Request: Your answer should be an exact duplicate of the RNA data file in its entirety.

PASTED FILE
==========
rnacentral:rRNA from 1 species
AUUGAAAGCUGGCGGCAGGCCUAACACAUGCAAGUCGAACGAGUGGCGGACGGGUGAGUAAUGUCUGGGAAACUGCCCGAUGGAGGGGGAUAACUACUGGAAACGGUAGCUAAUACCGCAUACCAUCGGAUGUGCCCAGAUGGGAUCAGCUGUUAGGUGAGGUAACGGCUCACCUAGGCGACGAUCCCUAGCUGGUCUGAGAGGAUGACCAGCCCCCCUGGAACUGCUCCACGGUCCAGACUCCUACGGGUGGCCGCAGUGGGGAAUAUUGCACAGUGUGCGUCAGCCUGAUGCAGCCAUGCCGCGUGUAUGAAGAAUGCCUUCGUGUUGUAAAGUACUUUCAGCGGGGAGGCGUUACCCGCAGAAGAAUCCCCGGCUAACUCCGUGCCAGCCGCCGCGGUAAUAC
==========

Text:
rnacentral:rRNA from 1 species
AUUGAAAGCUGGCGGCAGGCCUAACACAUGCAAGUCGAACGAGUGGCGGACGGGUGAGUAAUGUCUGGGAAACUGCCCGAUGGAGGGGGAUAACUACUGGAAACGGUAGCUAAUACCGCAUACCAUCGGAUGUGCCCAGAUGGGAUCAGCUGUUAGGUGAGGUAACGGCUCACCUAGGCGACGAUCCCUAGCUGGUCUGAGAGGAUGACCAGCCCCCCUGGAACUGCUCCACGGUCCAGACUCCUACGGGUGGCCGCAGUGGGGAAUAUUGCACAGUGUGCGUCAGCCUGAUGCAGCCAUGCCGCGUGUAUGAAGAAUGCCUUCGUGUUGUAAAGUACUUUCAGCGGGGAGGCGUUACCCGCAGAAGAAUCCCCGGCUAACUCCGUGCCAGCCGCCGCGGUAAUAC